Like millions of others, he was going to overstay his visa and remain in the country illegally. Months earlier, my sister had returned to Arizona from her studies in Colombia with a boyfriend in tow. Though our parents were very conservative, she was their only daughter, and they agreed to sponsor his entry into the United States.
Joe (not his real name) was a genuinely nice guy, with a workable if heavily accented command of the English language. As the 19-year-old kid brother, I got along great with him. The same could not be said for my sister, and the two broke up after a couple of strained months. Such is romance.
When the split came, Joe found himself loose in the land of his dreams. He had once confided to me that he wanted to make enough money here to open a restaurant in Colombia, an admirable dream. To secure his visa, my folks had posted a $2,000 bond, which was a lot to them, to ensure that he left the country before his visa expired. Suddenly, no one in the family knew where he had gone.
That’s when I became a combination skip tracer and unauthorized immigration agent. I had met some of Joe’s new friends, most of them Spanish-speaking immigrants who peeked out from behind their curtains before answering the door. I visited a succession of apartment blocks and aging rental houses asking after him, and though treated with suspicion at first, made progress with a simple story: I owed him money and wanted to pay him back. In defiance of language barriers, money talks in every country and culture.
With time running out, I learned that he worked at a hospital in violation of his visa. I worked at another hospital across town, cleaning and hauling out trash from an industrial kitchen that grew to the size of a football field every time I rolled out a sloshing mop bucket topped with fresh soapy water. (Evidently my high school education had included no injunction against doing "a job that Americans won’t do.")
Putting on my work clothes, a set of baggy white pants and shirt sporting a plastic name tag, I posed as staff at Joe’s hospital to continue the pursuit. Though my cover was as thin as the shirt on my back, I quickly learned that Joe was a second-shift janitor.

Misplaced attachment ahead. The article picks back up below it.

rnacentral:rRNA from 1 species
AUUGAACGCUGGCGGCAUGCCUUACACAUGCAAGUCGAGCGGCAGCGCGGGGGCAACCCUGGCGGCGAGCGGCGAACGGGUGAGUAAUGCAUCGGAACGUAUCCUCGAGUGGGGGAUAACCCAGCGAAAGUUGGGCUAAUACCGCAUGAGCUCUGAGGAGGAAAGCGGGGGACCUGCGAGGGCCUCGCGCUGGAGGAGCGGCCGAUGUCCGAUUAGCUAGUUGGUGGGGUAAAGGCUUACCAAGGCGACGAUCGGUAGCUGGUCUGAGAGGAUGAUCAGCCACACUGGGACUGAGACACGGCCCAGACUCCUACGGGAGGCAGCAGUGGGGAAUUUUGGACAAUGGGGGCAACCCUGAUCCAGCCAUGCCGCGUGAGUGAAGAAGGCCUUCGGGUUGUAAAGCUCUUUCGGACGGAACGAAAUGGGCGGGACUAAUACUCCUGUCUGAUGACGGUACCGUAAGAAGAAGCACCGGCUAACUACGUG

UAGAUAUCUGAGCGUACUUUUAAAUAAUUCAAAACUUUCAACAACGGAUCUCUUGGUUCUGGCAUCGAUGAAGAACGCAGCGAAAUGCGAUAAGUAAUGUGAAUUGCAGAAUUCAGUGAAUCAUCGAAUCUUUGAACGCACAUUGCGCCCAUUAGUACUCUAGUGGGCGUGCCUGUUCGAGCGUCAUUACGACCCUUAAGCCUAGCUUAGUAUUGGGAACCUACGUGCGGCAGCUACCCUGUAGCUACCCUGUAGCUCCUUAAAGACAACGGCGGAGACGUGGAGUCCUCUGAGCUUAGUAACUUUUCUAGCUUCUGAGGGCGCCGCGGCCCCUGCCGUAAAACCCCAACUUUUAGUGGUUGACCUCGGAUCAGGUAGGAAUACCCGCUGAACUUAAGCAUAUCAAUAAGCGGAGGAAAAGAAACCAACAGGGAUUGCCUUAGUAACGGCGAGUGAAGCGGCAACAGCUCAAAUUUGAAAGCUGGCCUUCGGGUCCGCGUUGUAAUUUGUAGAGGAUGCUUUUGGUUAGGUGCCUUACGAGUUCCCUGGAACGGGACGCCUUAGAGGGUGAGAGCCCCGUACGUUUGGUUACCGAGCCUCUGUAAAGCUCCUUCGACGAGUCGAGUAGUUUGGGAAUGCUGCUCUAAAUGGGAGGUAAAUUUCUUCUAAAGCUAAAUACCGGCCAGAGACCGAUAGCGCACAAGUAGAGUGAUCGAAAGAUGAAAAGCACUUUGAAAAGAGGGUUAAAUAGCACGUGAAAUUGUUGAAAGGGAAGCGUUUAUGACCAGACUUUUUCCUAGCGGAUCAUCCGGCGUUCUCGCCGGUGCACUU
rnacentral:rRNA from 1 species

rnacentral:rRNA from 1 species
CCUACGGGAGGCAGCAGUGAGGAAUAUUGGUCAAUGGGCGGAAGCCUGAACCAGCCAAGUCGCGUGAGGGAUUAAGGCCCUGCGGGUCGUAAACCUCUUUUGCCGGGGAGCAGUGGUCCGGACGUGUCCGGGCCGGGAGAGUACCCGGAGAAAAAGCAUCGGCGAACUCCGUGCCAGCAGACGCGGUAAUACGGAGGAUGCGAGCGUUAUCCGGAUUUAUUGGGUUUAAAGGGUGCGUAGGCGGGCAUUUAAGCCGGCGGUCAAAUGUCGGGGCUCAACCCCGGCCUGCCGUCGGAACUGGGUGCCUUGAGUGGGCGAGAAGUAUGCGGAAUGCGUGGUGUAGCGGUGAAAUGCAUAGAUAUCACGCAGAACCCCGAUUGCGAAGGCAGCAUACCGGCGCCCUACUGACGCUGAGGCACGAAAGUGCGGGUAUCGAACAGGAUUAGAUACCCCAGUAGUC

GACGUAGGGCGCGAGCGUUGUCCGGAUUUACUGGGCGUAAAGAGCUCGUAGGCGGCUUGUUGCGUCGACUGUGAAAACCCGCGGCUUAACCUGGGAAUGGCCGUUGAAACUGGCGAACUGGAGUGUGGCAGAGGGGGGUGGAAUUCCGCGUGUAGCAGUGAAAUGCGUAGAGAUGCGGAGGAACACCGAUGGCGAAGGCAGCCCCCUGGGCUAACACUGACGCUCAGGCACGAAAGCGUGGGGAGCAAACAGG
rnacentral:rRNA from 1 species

As I closed in on my quarry, I realized that I had stupidly neglected to devise a method to get him out of the country. Calling in the authorities seemed a betrayal of a one-time friend and fellow minimum-wage slave. But I could spin a yarn. I greeted Joe like a long-lost brother, and before the surprise wore off, took him aside. In a conspiratorial whisper, I warned that immigration officers were hot on his trail. Embellishing further, I said he would never be allowed in the country legally if he was caught and thrown out. He whispered his thanks.
Just before the visa deadline, my folks got their money back; Joe had left the country. My story has many lessons, including the fact that teenagers can be good liars and $2,000 seems a fortune when you’re making minimum wage. Most of all, it says something about this latest debate over immigration law.
As an unabashed Democrat who was fired from the hospital for aiding a unionization drive, I should be reveling in the discomfort of those bloodless politicians who advocate making illegal immigration a felony. But it’s hard to find anything good about the current situation. Current immigration enforcement has become a cat-and-mouse game with a slap-on-the-wrist penalty. We know that many people who get nabbed and deported simply turn around and come back again. This turns immigration officers into fishermen with badges who catch and release the same border-crossers, time and time again.
I convinced Joe to leave the country by telling him that he risked forfeiting the privilege of ever re-entering legally. The House of Representatives is now saying the same thing.
We could try something more pragmatic: making it a misdemeanor with a loss of immigration priority for a first offense; felony treatment for repeat offenders. That way, the people caught and sent home have something meaningful to lose. Either way, only serious penalties will give meaning to our immigration laws.
Take it from a one-time, self-appointed immigration officer.
John Walker is a contributor to Writers on the Range, a service of High Country News (hcn.org). He is a farmer and firefighter in Coaldale, Colorado.
Note: the opinions expressed in this column are those of the writer and do not necessarily reflect those of High Country News, its board or staff. If you'd like to share an opinion piece of your own, please write Betsy Marston at firstname.lastname@example.org.